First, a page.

‘This was an unnecessary sickening act of hate against those who, through no fault of their own, have experienced the worst since 14 June 2017.
‘This is clearly a hate crime and as a society we should never tolerate these types of blatant acts of hatred.’
London mayor Sadiq Khan said: ‘I utterly condemn this sickening video. The horrific Grenfell Tower fire was one of the most devastating tragedies our city has ever suffered – and I urge social media companies to do the right thing and remove this content immediately.’
They then moved it on to a specially constructed plinth on top of a roaring bonfire
This yob got close to take a photo of it in distressing scenes sickeningly lampooning Britain’s worst residential fire
The shocking video shows the collapse of the tower and will horrify many people, especially those touched by the tragedy in west London
Labour MP Emma Dent-Coad, whose Kensington constituency contains Grenfell Tower, told MailOnline: ‘To recreate a very recent atrocity where people saw their own families burnt to death is reprehensible and criminal. These people should be subject to the criminal justice system.
‘I cannot imagine why anybody would find that funny. It is absolutely despicable.’
Westminster north MP Karen Buck tweeted: ‘Imagine how utterly lacking in human empathy you would have to be to do this. How incapable of understanding another person’s pain and fear. What a depressing, shameful episode’.
Police have been urged to investigate it as a hate crime
Men can also be heard making fun of the fire service’s infamous advice given to residents of the tower when the fire first broke out to stay in their flats.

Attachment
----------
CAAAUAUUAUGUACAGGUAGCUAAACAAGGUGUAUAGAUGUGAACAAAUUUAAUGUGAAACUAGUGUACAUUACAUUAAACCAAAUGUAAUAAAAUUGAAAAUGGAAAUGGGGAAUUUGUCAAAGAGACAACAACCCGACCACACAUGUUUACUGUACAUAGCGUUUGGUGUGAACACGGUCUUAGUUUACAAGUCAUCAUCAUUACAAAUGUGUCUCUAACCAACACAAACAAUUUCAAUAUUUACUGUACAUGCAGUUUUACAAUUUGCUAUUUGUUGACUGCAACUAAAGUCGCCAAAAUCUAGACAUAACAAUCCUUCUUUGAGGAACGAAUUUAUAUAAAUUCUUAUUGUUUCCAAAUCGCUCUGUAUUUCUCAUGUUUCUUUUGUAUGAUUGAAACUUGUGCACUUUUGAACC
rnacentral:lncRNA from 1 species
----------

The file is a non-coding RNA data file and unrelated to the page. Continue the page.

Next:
A man said: ‘Stay in your flat we are coming to get ya’ while another counsels the flat residents to ‘jump out the window’.
London Fire Commissioner Dany Cotton said today: ‘This is an appalling and disturbing video. To intentionally use and mock the Grenfell Tower fire in this way will cause deep pain and offence to the bereaved, survivors, the local community and all of the emergency services who will never forget that night. It cannot be justified on any level’.
The video was first posted on Twitter by Kay Oldroyd who is furious at what has happened after it was sent to her via WhatsApp.
Sickened Ms Oldroyd has asked the Met Police on Twitter if it can be reported as a hate crime.
She said: ‘I want these beasts prosecuted. Flying the English flag and enjoying a good old laugh at the expense of 100’s of lives who died in the most horrific way.
‘This is the sick mentality of racist, bigoted individuals. As much as I hate to share this video I want them identified.’
Piers Morgan said: ‘My God, what am I watching? This is unbelievable. Who are these disgusting vermin’.
Good Morning Britain colleague Alex Beresford said: ‘How could these disgusting people do this to the families of Grenfell Tower. Pure evil racism in 2018’.